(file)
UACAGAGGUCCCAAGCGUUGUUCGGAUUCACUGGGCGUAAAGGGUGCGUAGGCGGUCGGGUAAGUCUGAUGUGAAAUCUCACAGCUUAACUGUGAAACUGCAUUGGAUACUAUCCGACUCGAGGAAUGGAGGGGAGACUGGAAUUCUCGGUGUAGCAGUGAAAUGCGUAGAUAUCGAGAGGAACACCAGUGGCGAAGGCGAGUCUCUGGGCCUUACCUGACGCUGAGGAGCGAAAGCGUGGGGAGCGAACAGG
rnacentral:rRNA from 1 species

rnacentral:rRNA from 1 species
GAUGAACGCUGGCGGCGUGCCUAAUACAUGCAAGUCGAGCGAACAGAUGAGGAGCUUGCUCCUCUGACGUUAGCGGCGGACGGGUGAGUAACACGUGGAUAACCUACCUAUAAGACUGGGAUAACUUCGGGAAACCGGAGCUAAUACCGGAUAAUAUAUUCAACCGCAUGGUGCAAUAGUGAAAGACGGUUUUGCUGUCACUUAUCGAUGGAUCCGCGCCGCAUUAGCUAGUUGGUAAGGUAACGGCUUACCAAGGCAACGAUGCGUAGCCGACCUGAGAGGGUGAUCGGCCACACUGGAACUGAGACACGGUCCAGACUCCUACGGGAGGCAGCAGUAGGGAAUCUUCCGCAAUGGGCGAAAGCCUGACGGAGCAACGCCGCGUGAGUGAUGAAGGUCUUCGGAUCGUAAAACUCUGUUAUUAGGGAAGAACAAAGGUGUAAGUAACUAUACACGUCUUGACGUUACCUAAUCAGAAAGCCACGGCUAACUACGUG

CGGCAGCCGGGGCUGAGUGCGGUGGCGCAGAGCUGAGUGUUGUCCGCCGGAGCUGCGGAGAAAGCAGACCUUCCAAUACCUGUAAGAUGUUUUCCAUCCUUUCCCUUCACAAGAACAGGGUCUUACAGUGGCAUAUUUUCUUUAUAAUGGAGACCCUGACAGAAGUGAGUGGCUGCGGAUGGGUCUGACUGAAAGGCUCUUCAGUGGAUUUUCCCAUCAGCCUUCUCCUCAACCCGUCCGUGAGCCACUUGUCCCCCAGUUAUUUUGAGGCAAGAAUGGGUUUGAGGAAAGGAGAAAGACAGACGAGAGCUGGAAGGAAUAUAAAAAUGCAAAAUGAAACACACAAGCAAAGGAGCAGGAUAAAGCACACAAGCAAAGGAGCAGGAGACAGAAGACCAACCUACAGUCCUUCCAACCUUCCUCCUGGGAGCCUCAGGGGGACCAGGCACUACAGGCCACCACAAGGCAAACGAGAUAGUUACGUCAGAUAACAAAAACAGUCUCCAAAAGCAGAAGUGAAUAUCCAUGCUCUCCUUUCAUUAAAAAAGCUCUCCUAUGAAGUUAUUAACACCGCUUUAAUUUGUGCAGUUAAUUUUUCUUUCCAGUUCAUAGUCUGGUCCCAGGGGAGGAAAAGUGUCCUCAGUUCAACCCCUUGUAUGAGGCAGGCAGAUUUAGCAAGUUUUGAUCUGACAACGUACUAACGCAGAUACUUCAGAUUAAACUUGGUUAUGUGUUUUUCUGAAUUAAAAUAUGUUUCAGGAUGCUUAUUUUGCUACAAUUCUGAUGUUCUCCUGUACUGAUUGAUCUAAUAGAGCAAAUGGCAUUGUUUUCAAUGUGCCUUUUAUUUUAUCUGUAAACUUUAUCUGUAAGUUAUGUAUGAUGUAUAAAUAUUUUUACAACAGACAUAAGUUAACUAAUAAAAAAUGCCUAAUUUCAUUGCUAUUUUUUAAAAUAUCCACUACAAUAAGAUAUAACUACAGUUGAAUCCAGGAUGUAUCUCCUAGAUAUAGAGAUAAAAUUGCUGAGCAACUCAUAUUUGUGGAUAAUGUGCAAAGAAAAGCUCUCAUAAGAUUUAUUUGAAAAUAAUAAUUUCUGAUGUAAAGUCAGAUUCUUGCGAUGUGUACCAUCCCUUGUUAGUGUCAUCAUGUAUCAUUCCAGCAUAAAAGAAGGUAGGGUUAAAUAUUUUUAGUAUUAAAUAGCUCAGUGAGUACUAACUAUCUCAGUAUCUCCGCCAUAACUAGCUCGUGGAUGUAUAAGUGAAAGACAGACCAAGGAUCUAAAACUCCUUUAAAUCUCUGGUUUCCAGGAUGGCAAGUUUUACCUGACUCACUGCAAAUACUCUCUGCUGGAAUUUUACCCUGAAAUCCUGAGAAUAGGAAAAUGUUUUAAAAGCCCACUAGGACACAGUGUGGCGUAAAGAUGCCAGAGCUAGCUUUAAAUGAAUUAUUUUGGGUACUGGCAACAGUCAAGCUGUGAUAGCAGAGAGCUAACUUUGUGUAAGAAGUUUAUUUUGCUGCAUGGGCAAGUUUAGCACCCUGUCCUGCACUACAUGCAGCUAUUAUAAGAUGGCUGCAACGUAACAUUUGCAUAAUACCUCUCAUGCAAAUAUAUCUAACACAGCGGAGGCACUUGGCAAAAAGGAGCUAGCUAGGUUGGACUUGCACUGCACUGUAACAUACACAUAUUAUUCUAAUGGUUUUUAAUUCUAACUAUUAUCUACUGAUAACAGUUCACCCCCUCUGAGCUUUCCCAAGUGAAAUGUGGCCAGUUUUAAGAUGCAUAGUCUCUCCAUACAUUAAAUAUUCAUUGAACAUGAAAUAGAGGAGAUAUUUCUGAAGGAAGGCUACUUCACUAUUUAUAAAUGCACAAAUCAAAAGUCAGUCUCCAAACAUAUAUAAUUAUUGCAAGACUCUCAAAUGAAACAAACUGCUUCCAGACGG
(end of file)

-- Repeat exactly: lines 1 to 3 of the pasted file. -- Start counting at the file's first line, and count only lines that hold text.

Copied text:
UACAGAGGUCCCAAGCGUUGUUCGGAUUCACUGGGCGUAAAGGGUGCGUAGGCGGUCGGGUAAGUCUGAUGUGAAAUCUCACAGCUUAACUGUGAAACUGCAUUGGAUACUAUCCGACUCGAGGAAUGGAGGGGAGACUGGAAUUCUCGGUGUAGCAGUGAAAUGCGUAGAUAUCGAGAGGAACACCAGUGGCGAAGGCGAGUCUCUGGGCCUUACCUGACGCUGAGGAGCGAAAGCGUGGGGAGCGAACAGG
rnacentral:rRNA from 1 species

rnacentral:rRNA from 1 species